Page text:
Protocol First has received a funding commitment from The Leukemia & Lymphoma Society (LLS) to help advance the Beat AML Master Clinical Trial (Beat AML), which seeks to evaluate several new targeted therapies for acute myeloid leukemia (AML) in older patients.
Historically, the standard treatment for AML has been intensive chemotherapy, which can be difficult to tolerate for patients who are age 60 and older.
To address this unmet urgent medical need, the LLS is conducting the Phase 1b/2 Beat AML trial (NCT03013998), which uses genetic screening technology to identify the genetic mutations or markers that may be driving AML in individual patients.
Depending on their cancer’s genetic profile, patients are matched to the most promising targeted investigational therapy, or combination treatment. If an individual does not have a genetic marker that matches a specific treatment, that patient will receive a broad-acting therapy.
The mode and length of treatment will depend on the therapy assigned to each person.
One of the trial’s main goals is to evaluate the patients’ clinical response rates to their assigned therapy, which is defined as either a complete or partial response. A complete response occurs when the leukemia is put in full remission, with bone marrow and blood cell counts returning to normal.
The trial is enrolling up to 2,000 AML patients, 6o years old or older, across multiple centers in the U.S. More location and contact information and can be found here.
Protocol First holds an eClinical platform that allows Beat AML staff to access information and record trial data. The company also developed an application, called Clinical Pipe, that ensures the real-time transfer of electronic health records from participants in the Beat AML trial into a research database, also called an electronic data capture system.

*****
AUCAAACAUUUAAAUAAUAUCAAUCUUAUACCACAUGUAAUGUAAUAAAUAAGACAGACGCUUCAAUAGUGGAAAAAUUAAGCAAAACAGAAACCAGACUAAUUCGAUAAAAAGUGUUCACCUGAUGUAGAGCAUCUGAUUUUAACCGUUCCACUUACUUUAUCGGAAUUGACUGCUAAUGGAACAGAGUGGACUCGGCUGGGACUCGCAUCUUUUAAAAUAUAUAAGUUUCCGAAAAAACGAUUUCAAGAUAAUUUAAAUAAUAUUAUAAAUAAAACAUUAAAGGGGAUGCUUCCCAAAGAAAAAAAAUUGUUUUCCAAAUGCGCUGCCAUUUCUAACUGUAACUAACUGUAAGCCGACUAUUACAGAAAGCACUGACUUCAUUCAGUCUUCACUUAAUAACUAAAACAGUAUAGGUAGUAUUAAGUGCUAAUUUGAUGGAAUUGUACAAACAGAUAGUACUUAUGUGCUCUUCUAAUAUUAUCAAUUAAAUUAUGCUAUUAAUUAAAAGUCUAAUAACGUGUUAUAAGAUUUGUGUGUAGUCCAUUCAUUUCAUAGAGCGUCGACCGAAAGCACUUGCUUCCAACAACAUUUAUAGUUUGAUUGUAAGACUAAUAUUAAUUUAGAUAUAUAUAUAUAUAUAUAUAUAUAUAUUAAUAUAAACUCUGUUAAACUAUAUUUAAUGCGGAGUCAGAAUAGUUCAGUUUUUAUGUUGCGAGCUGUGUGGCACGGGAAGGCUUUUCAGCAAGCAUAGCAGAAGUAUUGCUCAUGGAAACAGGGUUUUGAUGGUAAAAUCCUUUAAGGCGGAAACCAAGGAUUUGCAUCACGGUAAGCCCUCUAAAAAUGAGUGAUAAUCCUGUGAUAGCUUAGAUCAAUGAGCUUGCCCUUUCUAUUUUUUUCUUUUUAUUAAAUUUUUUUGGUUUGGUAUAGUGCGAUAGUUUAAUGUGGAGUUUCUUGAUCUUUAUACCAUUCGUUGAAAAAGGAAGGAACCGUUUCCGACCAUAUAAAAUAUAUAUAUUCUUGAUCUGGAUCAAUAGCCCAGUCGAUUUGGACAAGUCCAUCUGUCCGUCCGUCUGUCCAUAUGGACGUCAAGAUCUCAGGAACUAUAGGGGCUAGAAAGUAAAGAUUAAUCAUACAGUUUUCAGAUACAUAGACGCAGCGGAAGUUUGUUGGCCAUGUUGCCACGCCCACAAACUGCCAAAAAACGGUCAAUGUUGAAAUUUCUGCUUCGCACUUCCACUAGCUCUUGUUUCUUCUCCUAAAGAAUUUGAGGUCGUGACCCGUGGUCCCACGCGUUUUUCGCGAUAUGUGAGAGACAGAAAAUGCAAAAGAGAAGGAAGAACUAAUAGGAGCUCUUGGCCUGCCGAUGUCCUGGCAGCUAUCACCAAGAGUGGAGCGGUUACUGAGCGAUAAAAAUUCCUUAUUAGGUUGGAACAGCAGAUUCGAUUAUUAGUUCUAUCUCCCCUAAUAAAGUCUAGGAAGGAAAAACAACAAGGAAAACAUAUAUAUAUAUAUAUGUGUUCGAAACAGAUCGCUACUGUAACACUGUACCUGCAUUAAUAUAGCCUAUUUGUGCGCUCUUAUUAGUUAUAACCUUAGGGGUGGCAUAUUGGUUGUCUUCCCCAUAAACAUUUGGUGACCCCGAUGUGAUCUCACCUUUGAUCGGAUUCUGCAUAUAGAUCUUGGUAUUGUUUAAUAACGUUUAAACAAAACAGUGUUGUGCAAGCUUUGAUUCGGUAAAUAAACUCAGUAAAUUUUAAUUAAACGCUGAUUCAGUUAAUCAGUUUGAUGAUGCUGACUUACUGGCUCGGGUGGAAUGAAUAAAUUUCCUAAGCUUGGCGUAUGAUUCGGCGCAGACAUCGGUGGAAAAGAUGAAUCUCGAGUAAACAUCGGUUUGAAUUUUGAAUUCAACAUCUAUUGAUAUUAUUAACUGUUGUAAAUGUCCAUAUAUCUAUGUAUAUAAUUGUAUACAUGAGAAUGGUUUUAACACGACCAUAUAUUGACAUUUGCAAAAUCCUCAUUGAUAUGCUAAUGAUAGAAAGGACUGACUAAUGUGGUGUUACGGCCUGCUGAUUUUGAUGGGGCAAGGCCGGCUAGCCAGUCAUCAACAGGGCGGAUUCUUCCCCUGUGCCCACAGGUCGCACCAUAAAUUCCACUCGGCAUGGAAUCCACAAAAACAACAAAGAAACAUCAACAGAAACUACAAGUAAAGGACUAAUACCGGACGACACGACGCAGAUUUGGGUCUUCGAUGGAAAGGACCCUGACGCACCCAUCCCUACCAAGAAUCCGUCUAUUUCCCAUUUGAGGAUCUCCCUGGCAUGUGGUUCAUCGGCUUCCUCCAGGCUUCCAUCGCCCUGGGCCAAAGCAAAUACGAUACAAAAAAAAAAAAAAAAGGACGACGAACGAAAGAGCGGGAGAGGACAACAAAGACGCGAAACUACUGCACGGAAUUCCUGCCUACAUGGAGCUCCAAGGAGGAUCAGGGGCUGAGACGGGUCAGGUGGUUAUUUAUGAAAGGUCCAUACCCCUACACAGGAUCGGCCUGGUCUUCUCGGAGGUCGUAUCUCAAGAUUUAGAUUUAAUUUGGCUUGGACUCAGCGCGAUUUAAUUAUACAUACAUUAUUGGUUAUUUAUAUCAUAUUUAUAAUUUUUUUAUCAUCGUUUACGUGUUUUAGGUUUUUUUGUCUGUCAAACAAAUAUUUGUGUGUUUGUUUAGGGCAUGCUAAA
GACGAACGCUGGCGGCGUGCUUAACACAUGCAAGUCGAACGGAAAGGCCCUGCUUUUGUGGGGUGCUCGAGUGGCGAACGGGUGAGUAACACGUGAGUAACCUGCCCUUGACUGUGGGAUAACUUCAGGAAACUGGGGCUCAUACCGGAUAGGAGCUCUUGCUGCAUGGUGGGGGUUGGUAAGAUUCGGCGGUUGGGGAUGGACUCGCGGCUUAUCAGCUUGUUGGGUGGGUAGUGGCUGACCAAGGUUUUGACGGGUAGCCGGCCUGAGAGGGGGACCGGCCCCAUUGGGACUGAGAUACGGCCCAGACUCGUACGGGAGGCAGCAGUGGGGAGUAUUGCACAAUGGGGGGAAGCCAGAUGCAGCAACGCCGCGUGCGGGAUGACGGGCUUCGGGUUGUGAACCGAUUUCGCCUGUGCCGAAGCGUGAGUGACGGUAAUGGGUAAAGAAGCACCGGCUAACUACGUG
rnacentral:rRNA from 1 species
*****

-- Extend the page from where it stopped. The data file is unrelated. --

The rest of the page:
These technology solutions are cloud-based. They have allowed most of the clinical trial’s activities to be performed online for nearly four years.
“We have been working with the Protocol First team since we launched our Beat AML Master Clinical Trial program in 2016,” Amy Burd, PhD, LLS vice president of research strategy and the organization’s lead for the Beat AML initiative, said in a press release.
“The company’s platform has contributed enormously to the success of this complex trial by helping us efficiently transfer information in real-time between the research centers and our electronic data capture systems,” Burd said.
Protocol First’s tools also allow for trial sponsors to verify clinical trial data from multiple centers without being on-site. The researchers said Clinical Pipe has helped decrease errors and reduce the amount of time needed to enter data manually. That has enabled the prioritization of higher value-added tasks in the trial.
“Since 2016, the trial has been able to transfer data directly from patients’ health records into the data capture systems using Protocol First’s Clinical Pipe application, thereby saving precious time for our research and operations staff,” Burd said.
“This funding will benefit both LLS and Protocol First as well as the broader industry-sponsored research community that is desperately looking for ways to re-start trials impeded by the COVID-19 crisis,” she added.
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